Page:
This is kind of a meta-philosophical post, but the mood I find myself in today calls for such a one.
I recently had a discussion with a friend, and it has got me thinking.
It’s admirable to be able to stretch yourself and grow, especially in fields that do not offer you the comfort zone that you are used to. You begin with a dose of mettle, and keep going with gumption and sometimes with nothing but stubbornness and gritted-teeth as your aids.
If all these are driven by love for what you are doing, then you’re among the lucky ones, because not everyone has the same luxury when they have to make a drastic change in career or lifestyle or both. Many have to tread that path out of sheer despondency and desperation.
However, at times, there comes a situation when we need to revisit our goals and learn to give up, if that’s the right thing to do.
Have you ever been in this situation before? You are walled in by a solid wall of rock on three sides, and the only way out is to slowly backtrack the way you entered into the tunnel. Which in turn means, you undo all the work you have put into:
- Gathering up the courage to even think about traversing the dark and unknown tunnel.
- Searching for the resources that such an adventure demands.
- Convincing everyone around you (not even counting yourself) that it is the right thing to do and you know what you’re doing.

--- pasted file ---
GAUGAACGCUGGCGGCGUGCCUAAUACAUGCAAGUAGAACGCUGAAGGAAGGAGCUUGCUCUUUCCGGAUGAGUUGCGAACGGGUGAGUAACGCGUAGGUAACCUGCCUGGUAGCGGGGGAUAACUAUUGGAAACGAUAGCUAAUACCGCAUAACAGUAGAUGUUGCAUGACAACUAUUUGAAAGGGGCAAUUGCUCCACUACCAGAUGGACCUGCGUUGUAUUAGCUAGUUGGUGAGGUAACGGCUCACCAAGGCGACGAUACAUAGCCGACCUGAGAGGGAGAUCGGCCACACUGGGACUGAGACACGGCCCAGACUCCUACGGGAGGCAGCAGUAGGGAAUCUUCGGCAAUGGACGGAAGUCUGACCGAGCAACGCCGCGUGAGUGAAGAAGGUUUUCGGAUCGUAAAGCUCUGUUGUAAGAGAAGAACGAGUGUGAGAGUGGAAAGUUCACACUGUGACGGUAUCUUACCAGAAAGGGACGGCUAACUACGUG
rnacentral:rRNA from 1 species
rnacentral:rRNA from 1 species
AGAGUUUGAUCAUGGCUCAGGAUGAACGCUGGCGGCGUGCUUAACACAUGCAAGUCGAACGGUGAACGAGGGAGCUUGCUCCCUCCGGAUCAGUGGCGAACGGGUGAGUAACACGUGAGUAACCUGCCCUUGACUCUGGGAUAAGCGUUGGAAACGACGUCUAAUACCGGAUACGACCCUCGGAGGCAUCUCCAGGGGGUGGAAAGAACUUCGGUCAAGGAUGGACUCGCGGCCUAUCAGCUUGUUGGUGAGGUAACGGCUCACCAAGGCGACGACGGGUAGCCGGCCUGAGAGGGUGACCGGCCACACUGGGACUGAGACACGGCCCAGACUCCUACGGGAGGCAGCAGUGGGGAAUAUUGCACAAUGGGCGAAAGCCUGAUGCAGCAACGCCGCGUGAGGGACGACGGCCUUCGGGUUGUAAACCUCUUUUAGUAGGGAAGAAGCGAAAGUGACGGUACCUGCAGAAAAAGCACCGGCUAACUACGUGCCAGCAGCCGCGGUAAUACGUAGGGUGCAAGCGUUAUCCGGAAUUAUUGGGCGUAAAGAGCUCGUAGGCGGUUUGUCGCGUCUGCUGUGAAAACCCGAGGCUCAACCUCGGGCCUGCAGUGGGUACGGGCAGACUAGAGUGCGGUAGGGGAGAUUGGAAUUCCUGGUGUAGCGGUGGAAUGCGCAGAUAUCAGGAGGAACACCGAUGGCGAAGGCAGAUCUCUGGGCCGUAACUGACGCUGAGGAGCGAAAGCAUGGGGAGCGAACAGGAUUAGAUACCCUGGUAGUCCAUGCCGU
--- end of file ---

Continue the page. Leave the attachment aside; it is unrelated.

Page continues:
- Garnering the wisdom and knowledge that came your way during your journey through the various stages of the tunnel. True, you’re not really giving these up, but you have to give up actively making use of what you learned.
And then when you do come out of the tunnel, tired and dispirited, what do you notice? That the world around you has changed while you were on your quest. Nothing seems the way you left it. Everyone has somehow learned to move on without you in their midst. And you begin to feel like you would never belong anywhere again.
I have not experienced anything quite like this myself (not the latter half, at least) per se. I have, however, put myself on the not-so-sturdy limb of a tree by getting into the writing field. The journey has been something of a revelation – sometimes wonderful and exhilarating and at times scary and unfamiliar – at every stage so far.
Sometimes I can’t help thinking: what if this tunnel of mine, which I’m having a great time traversing, ends up with no light at the end (notwithstanding the fact that the light may mean different things to different people)?
Will I be able to retrace my footsteps in time? Will I be able pick up the pieces and move on? Will I be able to find another pursuit as meaningful and enjoyable as this one?
I don’t know the answers to these questions at this point in time. None of us knows ourselves well enough to guess how we’ll respond to such a hypothetical situation. If we do venture any likely and theoretical reactions, they will be just that – guesses. Not real.
I sincerely hope that:
There never comes a time when I may even need to contemplate these questions.
Do you ever feel this way about things in life? If so, how do you come out of these ponderous and ruminative thoughts?